Releases: Expanded View
The New York Times, The Washington Post & Forbes Shine A Spotlight On Philly's Diverse Neighborhoods
Publications Feature Manayunk, Fairmount, Mt. Airy, Chestnut Hill & Germantown
Five Philadelphia neighborhoods have made headlines in several national travel stories, focusing on must-see and must-do attractions, shops and restaurants beyond the city’s iconic Liberty Bell. Here’s a look at what some of the country’s most-read publications—The New York Times, The Washington Post and Forbes—had to say about Philly’s diverse neighborhoods:
- The historic houses of Germantown and local dining spots got the star treatment in The New York Times’ Frugal Traveler blog post, published on May 3. The articles highlighted the Johnson House, Wyck Historic House and Garden, Cliveden, Stenton, Deshler-Morris House and the oft-overlooked Grumblethorpe, along with several down-home dining spots in Germantown and Chestnut Hill.
- The New York Times’ website showcased an online slideshow on June 5, depicting the resurgence of Germantown Avenue in Mt. Airy, where new shops and restaurants reflect the neighborhood’s lively and progressive atmosphere.
- Visitors coming to town to cheer on their favorite cyclist during the Philadelphia International Championship bike race got tips on how to do Manayunk like a local in a Washington Post story that ran on June 10. The piece focused on the neighborhood’s locally owned shops and restaurants and the biking and hiking paths along the Schuylkill River Trail.
- In anticipation of Wawa Welcome America!, Philadelphia’s annual Fourth of July celebration, a Forbes blog did an article on June 28 that gave visitors a primer on the Art Museum neighborhood where the 11-day festival culminates. Web readers got the inside scoop on the international cuisine available in the neighborhood’s numerous cafes and restaurants, along with information about popular attractions such as Eastern State Penitentiary and the Mural Arts Program.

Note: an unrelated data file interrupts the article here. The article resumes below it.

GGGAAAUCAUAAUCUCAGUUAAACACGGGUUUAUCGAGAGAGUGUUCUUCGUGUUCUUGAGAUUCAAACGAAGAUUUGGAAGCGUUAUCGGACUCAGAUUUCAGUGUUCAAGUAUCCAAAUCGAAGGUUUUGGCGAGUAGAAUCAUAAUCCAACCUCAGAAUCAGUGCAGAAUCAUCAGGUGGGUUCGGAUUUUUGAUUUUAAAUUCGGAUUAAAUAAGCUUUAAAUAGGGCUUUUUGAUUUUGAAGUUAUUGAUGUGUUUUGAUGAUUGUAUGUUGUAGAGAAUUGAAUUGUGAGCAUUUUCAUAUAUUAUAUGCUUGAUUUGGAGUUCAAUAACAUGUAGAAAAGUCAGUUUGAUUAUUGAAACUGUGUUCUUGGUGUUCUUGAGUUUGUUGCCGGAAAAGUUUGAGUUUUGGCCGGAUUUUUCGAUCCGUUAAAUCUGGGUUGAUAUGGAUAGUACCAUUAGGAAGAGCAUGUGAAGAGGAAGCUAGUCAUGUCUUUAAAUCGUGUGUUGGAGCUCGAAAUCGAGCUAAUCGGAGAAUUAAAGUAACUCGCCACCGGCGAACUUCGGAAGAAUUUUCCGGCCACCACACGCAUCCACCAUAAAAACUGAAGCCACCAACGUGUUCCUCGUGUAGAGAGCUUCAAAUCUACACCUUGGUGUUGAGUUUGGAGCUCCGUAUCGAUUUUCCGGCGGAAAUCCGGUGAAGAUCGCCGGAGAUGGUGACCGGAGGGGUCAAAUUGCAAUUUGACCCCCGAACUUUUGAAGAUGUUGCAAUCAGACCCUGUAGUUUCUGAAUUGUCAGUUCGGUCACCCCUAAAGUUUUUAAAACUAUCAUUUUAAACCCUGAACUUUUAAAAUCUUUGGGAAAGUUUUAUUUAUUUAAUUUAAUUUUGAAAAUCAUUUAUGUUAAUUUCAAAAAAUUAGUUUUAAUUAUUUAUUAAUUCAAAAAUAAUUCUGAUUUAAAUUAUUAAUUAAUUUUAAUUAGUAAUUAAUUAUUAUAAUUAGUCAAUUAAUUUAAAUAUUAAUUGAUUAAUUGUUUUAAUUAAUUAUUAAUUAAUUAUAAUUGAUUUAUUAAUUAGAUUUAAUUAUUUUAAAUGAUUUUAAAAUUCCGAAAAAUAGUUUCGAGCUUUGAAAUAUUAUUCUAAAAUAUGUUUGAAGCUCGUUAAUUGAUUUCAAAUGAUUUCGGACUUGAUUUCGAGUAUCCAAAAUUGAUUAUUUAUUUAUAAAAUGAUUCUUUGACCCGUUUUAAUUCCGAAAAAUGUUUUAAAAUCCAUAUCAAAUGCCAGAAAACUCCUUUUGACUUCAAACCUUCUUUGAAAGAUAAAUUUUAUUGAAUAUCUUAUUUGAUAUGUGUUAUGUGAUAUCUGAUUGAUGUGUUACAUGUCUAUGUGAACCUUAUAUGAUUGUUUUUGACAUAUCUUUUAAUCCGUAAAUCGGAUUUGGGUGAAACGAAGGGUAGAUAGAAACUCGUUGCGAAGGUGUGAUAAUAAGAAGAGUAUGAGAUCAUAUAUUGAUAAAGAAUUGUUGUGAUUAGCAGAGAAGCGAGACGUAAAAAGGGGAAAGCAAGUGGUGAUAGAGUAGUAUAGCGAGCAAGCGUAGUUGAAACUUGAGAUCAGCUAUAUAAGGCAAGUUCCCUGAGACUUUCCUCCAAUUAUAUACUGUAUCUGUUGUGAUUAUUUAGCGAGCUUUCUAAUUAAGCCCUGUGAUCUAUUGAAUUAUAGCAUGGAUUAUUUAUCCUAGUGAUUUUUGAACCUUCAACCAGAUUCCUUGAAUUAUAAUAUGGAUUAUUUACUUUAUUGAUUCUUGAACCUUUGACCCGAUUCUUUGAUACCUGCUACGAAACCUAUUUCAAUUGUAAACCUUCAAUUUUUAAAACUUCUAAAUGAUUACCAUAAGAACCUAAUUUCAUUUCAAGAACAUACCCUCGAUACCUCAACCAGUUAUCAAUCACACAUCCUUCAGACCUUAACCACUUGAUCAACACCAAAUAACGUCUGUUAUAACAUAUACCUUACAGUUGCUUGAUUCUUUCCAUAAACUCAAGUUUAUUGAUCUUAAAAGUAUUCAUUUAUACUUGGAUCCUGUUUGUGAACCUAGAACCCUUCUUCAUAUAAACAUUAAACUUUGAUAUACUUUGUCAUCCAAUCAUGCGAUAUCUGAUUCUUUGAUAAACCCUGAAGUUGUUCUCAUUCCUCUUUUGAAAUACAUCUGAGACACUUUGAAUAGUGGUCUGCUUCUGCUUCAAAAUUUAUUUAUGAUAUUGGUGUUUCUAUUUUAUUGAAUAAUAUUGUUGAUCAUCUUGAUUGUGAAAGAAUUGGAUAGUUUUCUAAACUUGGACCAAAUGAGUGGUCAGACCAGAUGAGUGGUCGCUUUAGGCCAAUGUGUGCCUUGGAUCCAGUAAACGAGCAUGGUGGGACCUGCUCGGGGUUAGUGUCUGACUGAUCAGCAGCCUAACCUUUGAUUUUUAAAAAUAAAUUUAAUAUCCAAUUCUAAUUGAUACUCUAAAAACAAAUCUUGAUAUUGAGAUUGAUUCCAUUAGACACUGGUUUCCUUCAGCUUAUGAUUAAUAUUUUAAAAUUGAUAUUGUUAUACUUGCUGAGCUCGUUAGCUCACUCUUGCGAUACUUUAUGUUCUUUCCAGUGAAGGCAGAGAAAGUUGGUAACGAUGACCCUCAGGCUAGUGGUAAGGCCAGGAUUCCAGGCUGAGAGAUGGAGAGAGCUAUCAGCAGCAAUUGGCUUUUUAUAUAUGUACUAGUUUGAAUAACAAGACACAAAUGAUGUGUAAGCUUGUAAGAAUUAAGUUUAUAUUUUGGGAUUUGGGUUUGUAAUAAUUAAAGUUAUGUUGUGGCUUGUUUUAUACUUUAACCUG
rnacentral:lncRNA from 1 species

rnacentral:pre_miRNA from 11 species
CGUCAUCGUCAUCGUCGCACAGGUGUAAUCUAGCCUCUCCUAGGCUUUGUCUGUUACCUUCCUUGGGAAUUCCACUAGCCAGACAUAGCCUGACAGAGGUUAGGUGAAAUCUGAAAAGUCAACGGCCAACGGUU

The Greater Philadelphia Tourism Marketing Corporation (GPTMC) makes Philadelphia and The Countryside® a premier destination through marketing and image building that increases business and promotes the region’s vitality.
For more information about travel to Philadelphia, visit visitphilly.com or uwishunu.com, where you can build itineraries; search event calendars; see photos and videos; view interactive maps; sign up for newsletters; listen to HearPhilly, an online radio station about what to see and do in the region; book hotel reservations and more. Or, call the Independence Visitor Center, located in Historic Philadelphia, at (800) 537-7676.
A First-Timer's Guide To Philadelphia
While Philadelphia offers a variety of authentic and top-notch attractions, exploring this vibrant city takes some planning—especially for first-time visitors. With so much to see, do and taste, it’s challenging for a novice to know where to begin. From the historic Liberty Bell to the deliciously indulgent cheesesteak, here’s a look at Philly 101:
- Independence Hall – While historical attractions abound in Philly, Independence Hall has particular significance to the development of the nation. In this building in 1776, the Founding Fathers came together to sign the Declaration of Independence. Eleven years later, representatives from a
Philly Tours Explore History, Art, Food, Bridges & The Supernatural
Visitors to Philadelphia can choose from an assortment of options to explore the region, including those of the air, automotive, audio, culinary, self-guided and water-based varieties. And the sightseeing fun doesn’t stop when the sun goes down. Those who come out at night can join tours that feature behind-the-scenes action and even spirits from beyond. Here’s a selection of tours available throughout the region:
History Lessons By Day & Night:
- The Constitutional Walking Tour of Philadelphia – Visitors get an up-close look at historic sites such as the Liberty Bell and Independence Hall during this 75-minute walking tour. It
Iconic Landmarks Recount Philadelphia's Political History
When delegates gather in Philadelphia for the Democratic National Convention in summer 2016, all eyes will be on the nation’s birthplace. Having hosted numerous political conventions, including the 2000 Republican gathering and the 1948 conventions for all three parties (Democratic, Republican and Progressive), Philadelphia is used to being in the political spotlight. It was here where disgruntled colonists created a new form of government, and today many of the places where those meetings, debates and activities took place still stand. Here are a few iconic locations with deeply rooted connections to the American political process: